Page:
Michael Doerneman knew a co-worker was in need after that person reached out to him. “He was depressed and wasn’t finding answers in things of this world,” he said. “He was feeling like he had hit rock bottom. He wanted the peace and joy he saw in others. One day I asked him to breakfast or lunch, along with another mutual friend, and we’ve been meeting weekly ever since.” Those meetings eventually developed into a Bible study. Leading people toward an encounter with Jesus is an amazing thing—but it’s just a beginning, said Michael and his wife, Sarah. The Doernemans have learned that firsthand by experience, and especially through their work as lay leaders at St. Isidore Parish in Columbus, where they help lead people to Christ through several programs aimed at both youths and adults. Disciples need ongoing formation and frequent encounters with Jesus. And they need to be equipped to bring others to God, to make even more disciples, the Doernemans say. It’s a process that requires sticking with people, they said, loving them, especially in difficult times, with the goal of getting them to heaven; constantly praying for them and relying on the Holy Spirit for help and guidance. All of that starts with the mindset that everyone is called to be holy and a disciple, not just priests, and not just a handful of people in parishes, Michael said. The couple, who have been married 13 years and have five children ranging in age from 9 months to 11 years, talked about equipping disciples in a video for ArchOmaha Unite, held June 8 at the CHI Health Center arena in Omaha.
Photos: Bob Ervin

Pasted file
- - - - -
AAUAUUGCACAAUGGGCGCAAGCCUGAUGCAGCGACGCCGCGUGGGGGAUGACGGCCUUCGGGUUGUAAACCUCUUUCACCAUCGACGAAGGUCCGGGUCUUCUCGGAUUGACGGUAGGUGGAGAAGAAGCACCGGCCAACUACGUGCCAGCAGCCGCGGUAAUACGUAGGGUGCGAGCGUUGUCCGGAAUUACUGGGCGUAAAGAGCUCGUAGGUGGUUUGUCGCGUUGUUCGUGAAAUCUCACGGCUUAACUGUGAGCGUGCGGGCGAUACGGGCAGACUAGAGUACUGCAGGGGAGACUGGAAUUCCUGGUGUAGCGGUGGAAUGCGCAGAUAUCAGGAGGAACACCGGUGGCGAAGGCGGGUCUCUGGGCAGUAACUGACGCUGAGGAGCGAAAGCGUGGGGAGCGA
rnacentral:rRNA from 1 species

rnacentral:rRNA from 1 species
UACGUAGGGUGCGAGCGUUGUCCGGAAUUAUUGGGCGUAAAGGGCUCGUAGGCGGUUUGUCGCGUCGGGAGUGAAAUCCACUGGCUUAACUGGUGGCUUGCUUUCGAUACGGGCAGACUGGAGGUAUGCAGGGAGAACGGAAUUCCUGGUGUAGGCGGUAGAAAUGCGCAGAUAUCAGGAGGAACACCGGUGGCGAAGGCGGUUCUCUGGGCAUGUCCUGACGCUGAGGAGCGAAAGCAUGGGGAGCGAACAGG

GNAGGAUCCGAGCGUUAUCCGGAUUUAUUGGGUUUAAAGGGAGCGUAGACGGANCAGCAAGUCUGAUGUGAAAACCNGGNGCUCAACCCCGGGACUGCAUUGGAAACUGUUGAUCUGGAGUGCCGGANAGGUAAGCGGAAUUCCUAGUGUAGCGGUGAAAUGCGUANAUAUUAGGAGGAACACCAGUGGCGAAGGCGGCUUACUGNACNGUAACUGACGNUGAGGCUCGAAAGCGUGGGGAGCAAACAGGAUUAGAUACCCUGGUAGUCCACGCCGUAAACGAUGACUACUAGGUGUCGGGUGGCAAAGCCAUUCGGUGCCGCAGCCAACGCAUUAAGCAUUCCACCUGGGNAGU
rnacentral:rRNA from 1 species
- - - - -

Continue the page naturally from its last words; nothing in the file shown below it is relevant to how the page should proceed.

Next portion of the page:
Sarah said that a Christians Encounter Christ weekend or a Steubenville Youth Conference might lead people to a profound, personal experience of God, an encounter where one’s “heart is stirred by the Holy Spirit” and one senses “that Jesus is real … and he loves you.” But “equipping is then inviting them to more ... helping to know ‘where do I go from here?’ after having that encounter.” Equipping disciples, she said, is helping them to further grow in love with God and “raising them up to be sent on mission and do the work of evangelization.” Evangelization often requires developing a friendship with just one or two people, modeling prayer and “just living life with Jesus at the center,” she said. Sarah said she has been evangelized that way by keeping in contact with three women she befriended at a Christians Encounter Christ weekend seven years ago. For Michael, evangelizing and equipping disciples is as simple as caring about someone and hopefully creating an atmosphere where that person is comfortable and can let his guard down enough for Jesus to meet him in that moment. He said that when attempting to lead someone closer to God, he sees a “soul hanging in the balance.” He feels compelled to act, praying to the Holy Spirit for courage and guidance, he said.